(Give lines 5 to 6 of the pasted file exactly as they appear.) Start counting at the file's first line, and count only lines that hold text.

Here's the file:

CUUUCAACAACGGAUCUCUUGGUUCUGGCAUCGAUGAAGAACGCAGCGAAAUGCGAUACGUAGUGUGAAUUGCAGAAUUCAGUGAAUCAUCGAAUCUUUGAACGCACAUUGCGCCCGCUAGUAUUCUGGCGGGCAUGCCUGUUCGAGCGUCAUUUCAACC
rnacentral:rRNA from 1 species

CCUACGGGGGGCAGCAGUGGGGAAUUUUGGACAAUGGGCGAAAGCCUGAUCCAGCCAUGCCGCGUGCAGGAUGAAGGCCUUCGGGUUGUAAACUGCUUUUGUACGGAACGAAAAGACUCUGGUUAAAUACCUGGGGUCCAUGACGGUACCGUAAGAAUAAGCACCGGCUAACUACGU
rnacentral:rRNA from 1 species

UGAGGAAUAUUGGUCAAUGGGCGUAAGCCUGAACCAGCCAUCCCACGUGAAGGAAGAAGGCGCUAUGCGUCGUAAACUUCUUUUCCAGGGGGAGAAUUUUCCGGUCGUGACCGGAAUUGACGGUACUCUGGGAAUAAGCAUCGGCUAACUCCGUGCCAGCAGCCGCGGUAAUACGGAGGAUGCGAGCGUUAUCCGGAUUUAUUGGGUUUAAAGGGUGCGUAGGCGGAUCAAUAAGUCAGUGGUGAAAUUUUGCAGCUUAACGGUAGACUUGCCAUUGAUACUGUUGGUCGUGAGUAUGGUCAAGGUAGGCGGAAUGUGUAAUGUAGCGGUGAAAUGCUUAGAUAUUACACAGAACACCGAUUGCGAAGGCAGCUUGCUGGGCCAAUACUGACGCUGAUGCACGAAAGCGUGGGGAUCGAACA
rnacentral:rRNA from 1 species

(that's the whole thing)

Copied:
UGAGGAAUAUUGGUCAAUGGGCGUAAGCCUGAACCAGCCAUCCCACGUGAAGGAAGAAGGCGCUAUGCGUCGUAAACUUCUUUUCCAGGGGGAGAAUUUUCCGGUCGUGACCGGAAUUGACGGUACUCUGGGAAUAAGCAUCGGCUAACUCCGUGCCAGCAGCCGCGGUAAUACGGAGGAUGCGAGCGUUAUCCGGAUUUAUUGGGUUUAAAGGGUGCGUAGGCGGAUCAAUAAGUCAGUGGUGAAAUUUUGCAGCUUAACGGUAGACUUGCCAUUGAUACUGUUGGUCGUGAGUAUGGUCAAGGUAGGCGGAAUGUGUAAUGUAGCGGUGAAAUGCUUAGAUAUUACACAGAACACCGAUUGCGAAGGCAGCUUGCUGGGCCAAUACUGACGCUGAUGCACGAAAGCGUGGGGAUCGAACA
rnacentral:rRNA from 1 species